As we were using the TheSky software on our imaging computer, we saw that The Andromeda Galaxy, also known as M31 and NGC 224 was in a decent spot of the sky to get a series of quick images using the filter wheel. Fortunately, all went well with using the filter wheel with the CCD camera. We imaged the galaxy with quick 60-second exposures through the LRGB filters. No flats or darks applied as we still need to create those. However, We did some slight processing using Photoshop. Needless to say, we were very pleased.

NGC 224 (Messier 31) - Great Andromeda Galaxy 60-second LRGB Images on the ATEO
NGC 224 (Messier 31) - The Andromeda Galaxy 60-second LRGB Images on the ATEO

The Andromeda Galaxy is the nearest large galaxy to our own, at a distance of about 2.5 million light-years. This object is classified as an Sb spiral and it is a major member of the Local Group. It lies in the constellation Andromeda and is the most remote object normally visible to the naked eye, though under really dark skies, observers can sometimes see the M33, the Triangulum Galaxy.

Once the telescope is ready for educational and public use, we are confident the Andromeda Galaxy will be a favorite target for imaging. We look forward to seeing everyone's results!
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Friday, September 1, 2017

ATEO Achieves First Light!

Insight Observatory is proud to announce that the Astronomical Telescope for Educational Outreach (ATEO) has achieved first light. Now that the "Great American Solar Eclipse" of 2017 has come and gone, all of our efforts are now back on getting the remote telescope operational. On the morning of August 31, 2017, Insight Observatory's Systems Engineer, Muir Evenden, and I met via Skype and logged into the Raspberry Pi that runs the ATEO remotely. The skies were crystal clear in New Mexico that morning, therefore we thought it was time to attempt getting first light and perhaps an image of a deep-sky object if all went well.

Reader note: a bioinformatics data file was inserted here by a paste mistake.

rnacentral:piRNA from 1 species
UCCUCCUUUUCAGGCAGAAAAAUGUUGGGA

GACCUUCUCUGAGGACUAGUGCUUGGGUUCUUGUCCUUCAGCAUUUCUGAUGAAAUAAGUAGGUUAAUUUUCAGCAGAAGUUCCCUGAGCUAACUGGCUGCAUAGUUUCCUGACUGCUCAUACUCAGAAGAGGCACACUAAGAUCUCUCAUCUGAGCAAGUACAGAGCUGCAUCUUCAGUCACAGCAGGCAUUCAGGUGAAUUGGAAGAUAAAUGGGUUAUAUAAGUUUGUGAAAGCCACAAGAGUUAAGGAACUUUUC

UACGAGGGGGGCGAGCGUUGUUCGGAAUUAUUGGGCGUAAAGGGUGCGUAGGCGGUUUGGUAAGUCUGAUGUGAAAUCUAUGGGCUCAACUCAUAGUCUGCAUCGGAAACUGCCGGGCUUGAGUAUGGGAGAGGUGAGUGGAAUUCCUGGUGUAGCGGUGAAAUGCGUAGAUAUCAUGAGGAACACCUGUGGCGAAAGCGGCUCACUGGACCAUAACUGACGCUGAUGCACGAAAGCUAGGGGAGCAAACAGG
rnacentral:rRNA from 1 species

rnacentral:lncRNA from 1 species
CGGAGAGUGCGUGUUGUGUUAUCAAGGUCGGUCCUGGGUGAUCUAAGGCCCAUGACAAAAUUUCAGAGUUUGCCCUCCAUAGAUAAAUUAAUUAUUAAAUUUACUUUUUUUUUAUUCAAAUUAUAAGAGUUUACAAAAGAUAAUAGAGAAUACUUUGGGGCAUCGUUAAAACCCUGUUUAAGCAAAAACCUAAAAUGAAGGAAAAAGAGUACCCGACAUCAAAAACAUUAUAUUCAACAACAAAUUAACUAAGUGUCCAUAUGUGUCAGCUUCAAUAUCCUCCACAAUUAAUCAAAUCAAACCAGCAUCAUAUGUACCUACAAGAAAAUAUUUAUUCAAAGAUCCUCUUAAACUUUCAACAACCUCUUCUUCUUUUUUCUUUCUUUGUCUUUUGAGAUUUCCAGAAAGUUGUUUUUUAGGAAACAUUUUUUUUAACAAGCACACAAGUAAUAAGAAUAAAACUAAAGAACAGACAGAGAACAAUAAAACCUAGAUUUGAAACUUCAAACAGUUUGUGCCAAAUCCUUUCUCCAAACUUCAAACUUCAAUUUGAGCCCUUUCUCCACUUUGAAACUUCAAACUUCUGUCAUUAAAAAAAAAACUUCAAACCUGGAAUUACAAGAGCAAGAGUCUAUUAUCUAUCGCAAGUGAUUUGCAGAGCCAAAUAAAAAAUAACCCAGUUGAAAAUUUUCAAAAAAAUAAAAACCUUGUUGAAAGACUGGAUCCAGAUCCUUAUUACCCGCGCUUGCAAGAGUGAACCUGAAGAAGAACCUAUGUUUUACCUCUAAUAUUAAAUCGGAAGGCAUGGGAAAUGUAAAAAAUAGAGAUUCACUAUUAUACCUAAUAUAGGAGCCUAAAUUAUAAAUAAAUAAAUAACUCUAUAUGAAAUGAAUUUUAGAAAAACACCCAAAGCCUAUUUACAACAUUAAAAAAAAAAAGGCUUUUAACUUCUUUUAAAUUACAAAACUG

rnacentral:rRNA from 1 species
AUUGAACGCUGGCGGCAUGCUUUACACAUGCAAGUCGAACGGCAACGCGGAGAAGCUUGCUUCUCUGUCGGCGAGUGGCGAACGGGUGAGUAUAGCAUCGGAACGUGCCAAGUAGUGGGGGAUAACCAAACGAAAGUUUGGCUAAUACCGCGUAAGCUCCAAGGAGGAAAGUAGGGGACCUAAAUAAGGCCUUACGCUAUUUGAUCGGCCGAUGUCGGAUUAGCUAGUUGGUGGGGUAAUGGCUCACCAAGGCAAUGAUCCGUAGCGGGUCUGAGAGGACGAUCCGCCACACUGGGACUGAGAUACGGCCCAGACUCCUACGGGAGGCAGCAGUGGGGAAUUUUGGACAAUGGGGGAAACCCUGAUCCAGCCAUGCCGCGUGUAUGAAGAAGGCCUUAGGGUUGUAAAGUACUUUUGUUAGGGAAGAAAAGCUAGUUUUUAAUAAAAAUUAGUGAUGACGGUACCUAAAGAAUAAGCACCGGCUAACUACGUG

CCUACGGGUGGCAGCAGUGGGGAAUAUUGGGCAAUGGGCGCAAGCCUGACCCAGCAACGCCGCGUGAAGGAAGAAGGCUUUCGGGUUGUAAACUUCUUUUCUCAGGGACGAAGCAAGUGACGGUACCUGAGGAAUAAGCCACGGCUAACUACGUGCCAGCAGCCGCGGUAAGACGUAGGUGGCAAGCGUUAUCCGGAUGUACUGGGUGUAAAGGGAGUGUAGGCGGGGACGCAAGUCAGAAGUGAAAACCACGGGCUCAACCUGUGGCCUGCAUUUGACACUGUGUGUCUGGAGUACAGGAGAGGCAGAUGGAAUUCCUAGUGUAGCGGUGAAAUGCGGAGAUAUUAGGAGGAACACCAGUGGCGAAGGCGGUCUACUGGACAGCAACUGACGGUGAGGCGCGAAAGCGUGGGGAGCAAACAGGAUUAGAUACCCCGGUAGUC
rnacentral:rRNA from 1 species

Once we powered up all of the hardware, we launched TheSkyX developed by Software Bisque that controls the 16" f3.5 Dream Astrograph imaging system. After mulling over a few star candidates to slew to, we decided on the bright star Scheat that makes up part of the "Great Square". We took a one-minute exposure that would find the photons of starlight in the image donut shaped due to the telescope being out of focus. We then spent time on focusing the telescope before attempting to image a deep-sky object.

Screen Shot of TheSkyX while capturing first light of the star Scheat in the constellation Pegasus.
Screen Shot of TheSkyX while capturing first light of the star Scheat in the constellation Pegasus.

Once focus was acceptable enough for a rough image we decided to image NGC 7331, a spiral galaxy in Pegasus. NGC 7331 (also known as Caldwell 30) is a spiral galaxy about 40 million light-years away in the constellation Pegasus. It was discovered by William Herschel in 1784. NGC 7331 is the brightest member of the NGC 7331 the Deer Lick Galaxy Group.

NGC 7331 (also known as Caldwell 30). 60-second exposure taken with the ATEO 16" Dream Astrograph.  The Stephan's Quintet group of galaxies can be seen to the lower right of the image.
NGC 7331 (also known as Caldwell 30). 60-second exposure taken with the ATEO 16" Dream Astrograph.
The Stephan's Quintet group of galaxies can be seen to the lower right of the image.

We will be continuing testing within the next few days using the FLI color filter wheel that is attached to the telescope for creating color images. If all goes well with the final testing, the ATEO will be ready for educational and public use within the next few weeks.